Every week we get new books delivered to our libraries across the city. These are a few of the latest non fiction books that have arrived in the last week.
There’s something I’ve been dying to tell you by Lynda Bellingham
In 2013, actress, television personality and Sunday Times bestselling author, Lynda Bellingham was diagnosed with cancer. Until now, Lynda hasn’t spoken publicly about her illness – she has felt strongly that everyone’s experience of cancer is so different, and she wanted to keep what she has been going through personal to her while she came to terms with her life now. But in this memoir, Lynda talks with beautiful poignancy about her life since her diagnosis, her family and how together they came to terms with a future they hadn’t planned. This is a brave and brutally honest memoir and yet even when talking about these deeply personal experiences, Lynda manages to spread her infectious warmth and humour bringing light to a very dark time.
Hanging out with rock stars, trying to steal their chicks, or throwing up over their guitars after launching into the hospitality a little too enthusiastically, Mick Wall spent much of the 1980s sprawled in limos and five-star hotels with the biggest rock bands in the world, including Led Zeppelin, Guns N’ Roses, Metallica, Black Sabbath, Motley Crue, Thin Lizzy, Deep Purple, Alice Cooper, Van Halen, Motorhead and more. ‘Getcha Rocks Off’ is a rock apocalypse ‘Cider With Roadies’, and a more frank and disturbing ‘Apathy for the Devil’.
The soundtrack to my life by Dermot O’Leary
This is the story of Dermot’s life so far, from growing up in semi-rural Colchester with his Irish born parents, to landing one of the biggest jobs in TV. Throughout this journey, music has been a constant companion: a best friend, a confidant, a really annoying sibling, and at times a tormentor.
Set in Renaissance France at the magnificent court of the Valois kings, this book tells the history of two remarkable women, a mother and daughter driven into opposition by a terrible betrayal that threatened to destroy the realm. Catherine de’ Medici, the infamous queen mother of France, was a consummate pragmatist and powerbroker who dominated the throne for 30 years. Her youngest daughter Marguerite, the glamorous ‘Queen Margot’, was a passionate free spirit, the only adversary whom her mother could neither intimidate nor control. When Catherine forces the Catholic Marguerite to marry her Protestant cousin Henry of Navarre against her will, and then uses her opulent Parisian wedding as a means of luring his Huguenot followers to their deaths, she creates not only savage conflict within France but also a potent rival within her own family.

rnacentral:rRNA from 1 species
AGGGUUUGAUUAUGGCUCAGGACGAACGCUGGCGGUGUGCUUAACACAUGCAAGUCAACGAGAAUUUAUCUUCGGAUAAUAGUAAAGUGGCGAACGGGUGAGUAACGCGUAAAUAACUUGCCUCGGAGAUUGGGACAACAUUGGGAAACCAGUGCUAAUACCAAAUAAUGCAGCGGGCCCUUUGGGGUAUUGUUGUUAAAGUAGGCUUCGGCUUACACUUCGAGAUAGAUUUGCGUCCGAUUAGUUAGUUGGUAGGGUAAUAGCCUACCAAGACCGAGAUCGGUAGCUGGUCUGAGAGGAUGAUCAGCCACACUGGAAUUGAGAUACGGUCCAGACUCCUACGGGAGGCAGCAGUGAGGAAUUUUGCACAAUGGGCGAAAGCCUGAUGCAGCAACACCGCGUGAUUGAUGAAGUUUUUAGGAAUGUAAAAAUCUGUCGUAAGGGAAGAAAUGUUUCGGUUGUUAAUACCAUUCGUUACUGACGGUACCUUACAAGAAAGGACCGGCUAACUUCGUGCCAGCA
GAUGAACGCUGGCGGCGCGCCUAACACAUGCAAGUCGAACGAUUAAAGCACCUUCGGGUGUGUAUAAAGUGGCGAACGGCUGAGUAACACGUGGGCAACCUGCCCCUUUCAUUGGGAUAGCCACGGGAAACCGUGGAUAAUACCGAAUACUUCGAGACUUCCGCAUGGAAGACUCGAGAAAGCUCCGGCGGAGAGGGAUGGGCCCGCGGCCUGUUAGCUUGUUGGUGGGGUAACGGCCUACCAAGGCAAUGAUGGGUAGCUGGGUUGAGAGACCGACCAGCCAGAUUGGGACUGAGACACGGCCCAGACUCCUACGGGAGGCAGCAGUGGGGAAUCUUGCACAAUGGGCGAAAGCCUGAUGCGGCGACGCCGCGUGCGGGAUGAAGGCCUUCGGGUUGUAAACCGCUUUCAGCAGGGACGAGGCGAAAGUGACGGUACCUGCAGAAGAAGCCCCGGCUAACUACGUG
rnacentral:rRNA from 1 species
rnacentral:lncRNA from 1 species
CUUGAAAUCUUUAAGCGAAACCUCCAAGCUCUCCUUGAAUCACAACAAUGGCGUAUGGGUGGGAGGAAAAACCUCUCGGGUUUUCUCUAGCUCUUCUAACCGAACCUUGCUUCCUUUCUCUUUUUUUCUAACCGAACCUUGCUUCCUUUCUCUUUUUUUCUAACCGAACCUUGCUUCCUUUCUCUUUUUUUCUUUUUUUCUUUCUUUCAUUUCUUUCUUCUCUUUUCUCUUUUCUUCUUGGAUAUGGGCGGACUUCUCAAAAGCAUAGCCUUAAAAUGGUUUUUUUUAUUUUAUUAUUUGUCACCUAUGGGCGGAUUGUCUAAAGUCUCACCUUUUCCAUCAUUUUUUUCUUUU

The Seymours of Wolf Hall: a Tudor family story by D. M. Loades
Although the Seymours arrived with the Normans, it is with Jane, Henry VIII’s third queen, and her brothers – Edward, Duke of Somerset, and Thomas, Lord Seymour of Sudeley – that they became prominent. Jane bore Henry his longed-for son, Edward VI, and both her brothers achieved prominence through her. Her brother Edward was central to Henry’s activities in Scotland and become Lord Protector for the young king, his nephew, a hugely powerful position. This title tells the epic rise and fall of the family at the heart of the Tudor court and of Henry VIII’s own heart; he described Jane as ‘my first true wife’ and left express orders to be buried next to her tomb at Windsor Castle. The family seat of Wolfhall or ‘Wolf Hall’ in Wiltshire is long gone, but it lives on as an icon of the Tudor age.
Good morning, Mr Mandela by Zelda La Grange
Zelda la Grange grew up in South Africa as a white Afrikaner who supported the rules of segregation. Yet just a few years after the end of Apartheid she would become a most trusted assistant to Nelson Mandela, growing to respect and cherish the man she had been taught was the enemy. ‘Good Morning, Mr Mandela’ tells the extraordinary story of how a young woman had her life, beliefs, prejudices and everything she once believed in utterly transformed by the greatest man of her time.
The last act of love: the story of my brother and his sister by Cathy Rentzenbrink
In the summer of 1990 – two weeks before his GCSE results, which turned out to be the best in his school – Cathy Rentzenbrink’s brother Matty was knocked down by a car on the way home from a night out, suffering serious head injuries. He was left in a permanent vegetative state. Over the following years, Cathy and her parents took care of Matty – they built an extension onto the village pub where they lived and worked; they talked to him, fed him, bathed him, loved him. But there came a point at which it seemed the best thing they could do for Matty – and for themselves – was let him go. With unflinching honesty and raw emotional power, Cathy describes the unimaginable pain of losing her brother and the decision that changed her family’s lives forever.
Robert Mazur tells the story of Operation C-Chase, one of the most successful undercover operations in the history of US law enforcement, and how he helped bring down the unscrupulous bankers who manipulated complex international finance systems to serve drug lords, corrupt politicians, tax cheats and terrorists. It is a shocking chronicle of the rise and fall of perhaps the biggest and most intricate money-laundering operation of all time, and a stunning and vivid portrait of an undercover life and the sacrifice it requires